Motor theory of absolute pitch (Daniel Levitin )

Subject: Motor theory of absolute pitch
From:    Daniel Levitin  <levitin(at)PSYCH.MCGILL.CA>
Date:    Wed, 9 May 2001 15:13:53 -0400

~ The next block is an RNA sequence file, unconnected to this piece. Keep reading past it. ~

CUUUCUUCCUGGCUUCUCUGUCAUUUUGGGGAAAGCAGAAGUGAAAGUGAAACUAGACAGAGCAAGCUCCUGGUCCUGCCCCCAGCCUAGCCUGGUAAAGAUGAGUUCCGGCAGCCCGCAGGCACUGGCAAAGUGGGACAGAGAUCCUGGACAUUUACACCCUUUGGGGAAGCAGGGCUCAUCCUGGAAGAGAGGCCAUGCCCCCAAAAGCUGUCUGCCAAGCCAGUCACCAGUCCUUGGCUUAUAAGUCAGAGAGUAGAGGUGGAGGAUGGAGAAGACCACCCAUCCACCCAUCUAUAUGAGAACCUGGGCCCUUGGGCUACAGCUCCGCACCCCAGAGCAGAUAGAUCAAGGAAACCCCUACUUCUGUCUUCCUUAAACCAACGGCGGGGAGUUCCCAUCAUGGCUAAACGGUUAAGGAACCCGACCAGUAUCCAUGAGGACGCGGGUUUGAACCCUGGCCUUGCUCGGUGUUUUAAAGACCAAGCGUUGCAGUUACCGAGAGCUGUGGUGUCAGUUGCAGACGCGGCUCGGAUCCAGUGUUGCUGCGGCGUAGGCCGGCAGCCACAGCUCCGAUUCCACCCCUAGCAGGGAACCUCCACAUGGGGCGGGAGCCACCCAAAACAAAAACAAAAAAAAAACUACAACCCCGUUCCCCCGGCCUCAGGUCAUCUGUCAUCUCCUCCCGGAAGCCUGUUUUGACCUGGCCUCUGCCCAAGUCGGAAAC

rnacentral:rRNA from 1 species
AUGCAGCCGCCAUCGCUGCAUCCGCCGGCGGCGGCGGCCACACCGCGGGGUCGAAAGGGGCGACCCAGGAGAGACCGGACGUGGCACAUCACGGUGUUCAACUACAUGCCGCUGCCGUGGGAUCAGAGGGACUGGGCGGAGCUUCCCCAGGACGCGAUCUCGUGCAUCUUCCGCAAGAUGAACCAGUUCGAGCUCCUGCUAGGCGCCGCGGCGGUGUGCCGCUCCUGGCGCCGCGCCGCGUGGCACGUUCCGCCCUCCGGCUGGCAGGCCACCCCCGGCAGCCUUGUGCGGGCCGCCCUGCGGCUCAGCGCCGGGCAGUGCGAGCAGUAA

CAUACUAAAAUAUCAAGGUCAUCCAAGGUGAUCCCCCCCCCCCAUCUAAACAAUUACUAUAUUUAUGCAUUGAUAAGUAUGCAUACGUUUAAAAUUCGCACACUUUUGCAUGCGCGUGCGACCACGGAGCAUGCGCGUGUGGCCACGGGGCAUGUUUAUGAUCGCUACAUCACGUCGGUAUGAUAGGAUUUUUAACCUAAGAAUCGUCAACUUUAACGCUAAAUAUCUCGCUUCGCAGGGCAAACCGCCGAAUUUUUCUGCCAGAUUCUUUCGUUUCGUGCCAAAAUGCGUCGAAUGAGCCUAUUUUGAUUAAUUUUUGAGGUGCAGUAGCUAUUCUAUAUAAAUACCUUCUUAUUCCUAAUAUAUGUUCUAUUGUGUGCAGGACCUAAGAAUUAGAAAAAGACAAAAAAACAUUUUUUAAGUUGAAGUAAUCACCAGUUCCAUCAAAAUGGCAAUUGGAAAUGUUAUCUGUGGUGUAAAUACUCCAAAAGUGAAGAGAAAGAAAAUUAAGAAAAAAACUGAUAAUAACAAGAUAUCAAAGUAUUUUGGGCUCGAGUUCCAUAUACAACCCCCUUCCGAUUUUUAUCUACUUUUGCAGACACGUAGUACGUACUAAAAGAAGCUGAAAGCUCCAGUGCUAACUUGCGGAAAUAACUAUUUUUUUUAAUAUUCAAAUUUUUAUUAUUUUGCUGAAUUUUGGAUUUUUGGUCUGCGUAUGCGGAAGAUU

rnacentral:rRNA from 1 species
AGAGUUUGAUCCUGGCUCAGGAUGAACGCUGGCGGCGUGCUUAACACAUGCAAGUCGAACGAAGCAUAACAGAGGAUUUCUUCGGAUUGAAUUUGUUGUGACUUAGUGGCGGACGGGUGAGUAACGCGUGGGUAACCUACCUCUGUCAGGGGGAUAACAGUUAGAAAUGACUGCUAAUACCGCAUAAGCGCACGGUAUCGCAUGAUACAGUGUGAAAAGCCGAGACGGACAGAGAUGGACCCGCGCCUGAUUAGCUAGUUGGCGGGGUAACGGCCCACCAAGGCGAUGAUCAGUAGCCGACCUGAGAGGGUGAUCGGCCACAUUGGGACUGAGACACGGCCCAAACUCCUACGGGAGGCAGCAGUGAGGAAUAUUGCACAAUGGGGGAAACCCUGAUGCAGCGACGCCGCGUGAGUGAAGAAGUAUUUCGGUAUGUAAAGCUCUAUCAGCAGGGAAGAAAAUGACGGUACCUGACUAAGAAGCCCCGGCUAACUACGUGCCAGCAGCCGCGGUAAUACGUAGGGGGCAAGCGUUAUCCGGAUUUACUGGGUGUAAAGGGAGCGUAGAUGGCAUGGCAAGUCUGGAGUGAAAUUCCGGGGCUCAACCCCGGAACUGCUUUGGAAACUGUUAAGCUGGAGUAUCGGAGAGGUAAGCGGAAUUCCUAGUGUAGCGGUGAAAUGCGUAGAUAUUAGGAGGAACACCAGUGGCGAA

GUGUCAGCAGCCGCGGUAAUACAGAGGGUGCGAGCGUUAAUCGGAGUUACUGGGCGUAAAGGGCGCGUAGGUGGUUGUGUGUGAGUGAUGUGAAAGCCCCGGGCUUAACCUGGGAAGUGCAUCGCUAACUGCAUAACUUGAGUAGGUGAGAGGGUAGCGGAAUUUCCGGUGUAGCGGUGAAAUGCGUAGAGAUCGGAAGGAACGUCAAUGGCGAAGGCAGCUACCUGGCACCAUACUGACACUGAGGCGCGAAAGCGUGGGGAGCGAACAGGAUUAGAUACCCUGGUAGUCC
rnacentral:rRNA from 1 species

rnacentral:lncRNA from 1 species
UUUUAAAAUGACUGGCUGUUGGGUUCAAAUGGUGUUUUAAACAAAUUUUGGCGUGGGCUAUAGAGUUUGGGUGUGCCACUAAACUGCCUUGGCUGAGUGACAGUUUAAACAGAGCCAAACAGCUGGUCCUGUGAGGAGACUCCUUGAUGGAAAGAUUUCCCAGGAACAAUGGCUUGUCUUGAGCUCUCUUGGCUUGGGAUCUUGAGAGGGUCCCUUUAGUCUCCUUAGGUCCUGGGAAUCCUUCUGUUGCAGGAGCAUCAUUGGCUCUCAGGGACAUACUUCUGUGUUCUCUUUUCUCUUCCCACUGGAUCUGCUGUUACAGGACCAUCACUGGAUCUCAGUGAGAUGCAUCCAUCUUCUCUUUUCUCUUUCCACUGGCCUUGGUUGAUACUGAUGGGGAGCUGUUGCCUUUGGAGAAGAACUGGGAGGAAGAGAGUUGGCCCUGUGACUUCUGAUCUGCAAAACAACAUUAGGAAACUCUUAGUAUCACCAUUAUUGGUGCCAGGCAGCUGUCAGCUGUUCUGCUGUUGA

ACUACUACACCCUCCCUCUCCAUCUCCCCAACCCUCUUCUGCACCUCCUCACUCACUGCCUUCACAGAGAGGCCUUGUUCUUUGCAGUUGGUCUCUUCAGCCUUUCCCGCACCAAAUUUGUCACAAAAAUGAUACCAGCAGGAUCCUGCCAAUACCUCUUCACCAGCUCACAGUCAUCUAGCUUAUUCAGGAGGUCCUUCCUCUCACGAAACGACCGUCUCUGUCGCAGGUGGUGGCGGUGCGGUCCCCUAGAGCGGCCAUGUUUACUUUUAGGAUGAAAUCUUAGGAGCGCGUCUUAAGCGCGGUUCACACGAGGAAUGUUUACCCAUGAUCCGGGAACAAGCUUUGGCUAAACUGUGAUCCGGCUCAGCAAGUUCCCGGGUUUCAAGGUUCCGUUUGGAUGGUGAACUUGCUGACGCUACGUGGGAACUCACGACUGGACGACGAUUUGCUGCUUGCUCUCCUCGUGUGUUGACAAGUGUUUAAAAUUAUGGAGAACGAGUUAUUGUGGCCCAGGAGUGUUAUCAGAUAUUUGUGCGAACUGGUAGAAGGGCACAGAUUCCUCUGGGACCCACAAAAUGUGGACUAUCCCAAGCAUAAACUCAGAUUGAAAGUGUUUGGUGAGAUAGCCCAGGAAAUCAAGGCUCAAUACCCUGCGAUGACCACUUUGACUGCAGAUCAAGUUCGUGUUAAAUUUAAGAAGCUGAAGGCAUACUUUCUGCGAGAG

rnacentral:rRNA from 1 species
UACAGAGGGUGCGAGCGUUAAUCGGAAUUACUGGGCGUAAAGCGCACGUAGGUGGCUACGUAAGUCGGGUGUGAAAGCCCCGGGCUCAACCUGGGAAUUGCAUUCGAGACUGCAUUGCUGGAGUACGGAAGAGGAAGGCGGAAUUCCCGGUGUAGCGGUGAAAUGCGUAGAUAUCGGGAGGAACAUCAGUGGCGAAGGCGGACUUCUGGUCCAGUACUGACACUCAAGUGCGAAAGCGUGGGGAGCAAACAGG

Rebecca and others have suggested that absolute pitch may rely to some degree on muscle memory. I have two comments. First, I believe that absolute pitch is of interest because it putatively involves some sort of unusual/special memory ability. It appears that possessors have stable long-term representations of musical pitch, and they are able to categorize or label these representations with linguistic labels. If AP is subserved by muscle-memory, that doesn't make it any less interesting it seems to me -- we are simply specifying the type of memory that is involved, but it is still a feat of memory. Second, and more relevant, the late Dixon Ward and Ed Burns conducted a study that addresses this issue head on. Ward and Burns (1978) denied auditory feedback to trained singers who possessed absolute pitch (forcing them to rely solely on muscle memory); the singers erred by as much as a minor third, or three semitones. Thus muscle memory was only enough to get them in the ball park, and did not account for their AP ability. Ward, W. D. & Burns, E. M. (1978) . Singing without auditory feedback. Journal of Research in Singing and Applied Vocal Pedagogy, 1(2), 24-44 Dan Levitin -- ========================================== Daniel J. Levitin Phone: +1 (514) 398-8263 Assistant Professor FAX: +1 (514) 398-4896 Department of Psychology Associate Member of the Faculty of Music Mailing Address: McGill University Stewart Biology Building 1205 Ave. Dr. Penfield Montreal, PQ H3A 1B1 CANADA email: levitin(at) Web site: ==========================================

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